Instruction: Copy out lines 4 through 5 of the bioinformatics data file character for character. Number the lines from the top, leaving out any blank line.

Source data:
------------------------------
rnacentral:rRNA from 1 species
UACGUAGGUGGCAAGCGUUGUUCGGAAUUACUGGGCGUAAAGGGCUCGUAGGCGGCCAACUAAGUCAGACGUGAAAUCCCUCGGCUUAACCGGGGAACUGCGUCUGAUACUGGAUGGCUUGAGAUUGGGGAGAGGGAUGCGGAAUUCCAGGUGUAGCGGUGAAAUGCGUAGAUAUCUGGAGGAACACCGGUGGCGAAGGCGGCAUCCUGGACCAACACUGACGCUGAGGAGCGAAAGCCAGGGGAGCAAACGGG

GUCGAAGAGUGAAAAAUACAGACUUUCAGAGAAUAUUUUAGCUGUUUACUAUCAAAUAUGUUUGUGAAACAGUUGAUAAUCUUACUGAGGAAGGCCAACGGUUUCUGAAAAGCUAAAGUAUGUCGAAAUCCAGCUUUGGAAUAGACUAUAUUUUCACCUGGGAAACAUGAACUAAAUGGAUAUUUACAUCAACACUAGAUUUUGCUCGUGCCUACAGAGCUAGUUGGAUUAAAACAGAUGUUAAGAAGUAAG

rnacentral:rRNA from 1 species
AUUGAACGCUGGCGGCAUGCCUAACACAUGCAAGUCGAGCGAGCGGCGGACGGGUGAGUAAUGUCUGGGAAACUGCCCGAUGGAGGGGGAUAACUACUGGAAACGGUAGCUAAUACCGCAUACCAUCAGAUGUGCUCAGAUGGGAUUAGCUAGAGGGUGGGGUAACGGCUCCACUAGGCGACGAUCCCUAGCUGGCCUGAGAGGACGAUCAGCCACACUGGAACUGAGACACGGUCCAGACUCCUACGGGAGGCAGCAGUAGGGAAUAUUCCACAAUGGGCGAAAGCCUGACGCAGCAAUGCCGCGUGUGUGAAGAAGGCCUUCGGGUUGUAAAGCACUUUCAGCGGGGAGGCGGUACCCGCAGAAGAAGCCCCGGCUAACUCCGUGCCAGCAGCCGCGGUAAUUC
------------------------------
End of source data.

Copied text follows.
rnacentral:rRNA from 1 species
AUUGAACGCUGGCGGCAUGCCUAACACAUGCAAGUCGAGCGAGCGGCGGACGGGUGAGUAAUGUCUGGGAAACUGCCCGAUGGAGGGGGAUAACUACUGGAAACGGUAGCUAAUACCGCAUACCAUCAGAUGUGCUCAGAUGGGAUUAGCUAGAGGGUGGGGUAACGGCUCCACUAGGCGACGAUCCCUAGCUGGCCUGAGAGGACGAUCAGCCACACUGGAACUGAGACACGGUCCAGACUCCUACGGGAGGCAGCAGUAGGGAAUAUUCCACAAUGGGCGAAAGCCUGACGCAGCAAUGCCGCGUGUGUGAAGAAGGCCUUCGGGUUGUAAAGCACUUUCAGCGGGGAGGCGGUACCCGCAGAAGAAGCCCCGGCUAACUCCGUGCCAGCAGCCGCGGUAAUUC